- Understanding animals, behavioral ecology
- Instinct, fixed action patterns, imprinting
- Evolutionarily stable strategy
Emery and Clayton 2004 Science: "The mentality of crows: convergent evolution of intelligence in corvids and apes."
18 February: Introduction to neuroscience
- Kandel readings
- Explanation of cell types
- Action potential, neurotransmitters
- Group discussion of primary literature
25 February: Squid
- Neuronal biophysics
3 March: Aplysia
- Neural basis of behavior
10 March: Drosophila
- First genetic mutations producing behavioral phenotype
- Functional imaging to find olfactory maps
Wang et al. 2003 Cell: "Two-photon calcium imaging reveals an odor-evoked map of activity in the fly brain."
17 March: C. elegans
- Nervous system development
- Single circuits regulating complex behaviors
de Bono and Bargmann 1998 Cell: "Natural variation in a neuropeptide Y receptor homolog modifies social behavior and food response in C. elegans."
24 March: Fish
Fish as an emerging vertebrate model system to study:
- Nervous system development
- Simple behavior
Schlegel and Schuster 2008 Science: "Small circuits for large tasks: high-speed decision-making in archerfish."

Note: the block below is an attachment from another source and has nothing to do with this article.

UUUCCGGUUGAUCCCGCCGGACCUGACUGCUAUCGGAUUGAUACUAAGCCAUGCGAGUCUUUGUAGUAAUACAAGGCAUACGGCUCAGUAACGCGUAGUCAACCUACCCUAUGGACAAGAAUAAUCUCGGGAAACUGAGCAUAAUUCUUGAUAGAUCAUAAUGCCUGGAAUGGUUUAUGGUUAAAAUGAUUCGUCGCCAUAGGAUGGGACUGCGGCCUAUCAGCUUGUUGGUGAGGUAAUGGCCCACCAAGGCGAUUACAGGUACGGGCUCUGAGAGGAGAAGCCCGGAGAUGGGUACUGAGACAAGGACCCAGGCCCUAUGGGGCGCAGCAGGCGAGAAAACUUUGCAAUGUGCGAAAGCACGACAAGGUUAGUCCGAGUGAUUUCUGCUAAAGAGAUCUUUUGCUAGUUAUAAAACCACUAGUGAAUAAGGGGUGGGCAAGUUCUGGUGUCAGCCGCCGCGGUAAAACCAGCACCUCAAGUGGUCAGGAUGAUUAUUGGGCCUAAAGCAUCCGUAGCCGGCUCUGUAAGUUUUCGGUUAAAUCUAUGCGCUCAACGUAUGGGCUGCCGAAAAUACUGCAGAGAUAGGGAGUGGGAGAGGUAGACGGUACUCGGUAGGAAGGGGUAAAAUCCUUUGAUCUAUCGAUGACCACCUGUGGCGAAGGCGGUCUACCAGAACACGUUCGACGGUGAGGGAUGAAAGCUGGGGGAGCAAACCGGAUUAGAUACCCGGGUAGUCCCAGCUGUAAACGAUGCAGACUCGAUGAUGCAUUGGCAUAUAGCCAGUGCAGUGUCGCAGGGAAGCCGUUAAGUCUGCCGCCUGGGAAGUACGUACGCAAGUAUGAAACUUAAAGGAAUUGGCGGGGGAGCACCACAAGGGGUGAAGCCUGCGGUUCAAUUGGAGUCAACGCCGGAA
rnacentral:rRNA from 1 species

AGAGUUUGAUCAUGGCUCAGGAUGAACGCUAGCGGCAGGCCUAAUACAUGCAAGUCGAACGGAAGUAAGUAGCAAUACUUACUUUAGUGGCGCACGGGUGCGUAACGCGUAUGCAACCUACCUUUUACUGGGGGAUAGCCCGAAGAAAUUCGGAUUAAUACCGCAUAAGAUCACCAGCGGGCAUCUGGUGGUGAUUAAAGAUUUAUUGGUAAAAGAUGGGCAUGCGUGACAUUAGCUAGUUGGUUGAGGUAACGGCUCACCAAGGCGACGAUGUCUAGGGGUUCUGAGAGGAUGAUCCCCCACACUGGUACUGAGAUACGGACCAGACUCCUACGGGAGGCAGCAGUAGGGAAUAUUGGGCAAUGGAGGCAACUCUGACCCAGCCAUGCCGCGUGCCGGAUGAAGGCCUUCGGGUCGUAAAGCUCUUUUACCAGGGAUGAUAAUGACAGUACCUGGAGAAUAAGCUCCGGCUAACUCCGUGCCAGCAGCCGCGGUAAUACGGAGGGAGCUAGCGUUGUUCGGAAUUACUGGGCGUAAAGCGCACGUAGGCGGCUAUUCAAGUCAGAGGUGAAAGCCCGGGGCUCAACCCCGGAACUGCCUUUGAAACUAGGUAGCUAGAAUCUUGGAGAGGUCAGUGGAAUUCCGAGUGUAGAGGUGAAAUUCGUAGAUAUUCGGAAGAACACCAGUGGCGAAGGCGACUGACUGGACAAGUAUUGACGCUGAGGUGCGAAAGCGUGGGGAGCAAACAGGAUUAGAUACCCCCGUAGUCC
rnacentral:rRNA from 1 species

Bleckmann and Schwartz 1982 J. Comparative Biology: "The functional significance of frequency modulation within a wave train for prey localization in the surface-feeding fish Aplocheilus lineatus."
7 April: Birds
- Description of the neuroanatomy of the song control system
- Complex behavior: vocal learning
- Similarities between birdsong and human language
Mello, Vicario, and Clayton 1992 PNAS: "Song presentation induces gene expression in the songbird forebrain."
14 April: Birds 2 A visit to the Rockefeller University Field Research Center
- Evidence for adult-born neurons, implications for brain damage
- Exploring the boundaries of what can be learned
Gardner, Naef, and Nottebohm 2005 Science: "Freedom and rules: the acquisition and reprogramming of a bird's learned song."
21 April: Rodents
- Rodents as models of neurological disease
- Inquiries into learning and memory
Wills et al. 2005 Science: "Attractor dynamics in the hippocampal representation of the local environment."
28 April: Monkeys
- Visual cortex
- Primate behavior
Hauser 1992 PNAS: "Costs of deception: cheaters are punished in rhesus monkeys (Macaca mulatta)."
5 May: Wild species
- The importance of fieldwork
- Understanding the natural history of an organism
- Using wild species in the lab
Young and Wang 2004 Nature Neuroscience: "The neurobiology of pair bonding."
Jensen, Moss, and Surlykke 2005 Journal of Experimental Biology: "Echolocating bats can use acoustic landmarks for spatial orientation."
12 May: Evolution of behavior
- Altruism and kin selection; social behaviors; the effects of genetic relatedness on individual behavior and social dynamics; eusociality
- Adaptation to unusual environments
Kimchi and Terkel 2002 Current Opnion in Neurobiology: "Seeing and not seeing."
19 May: Student Presentations and Conclusions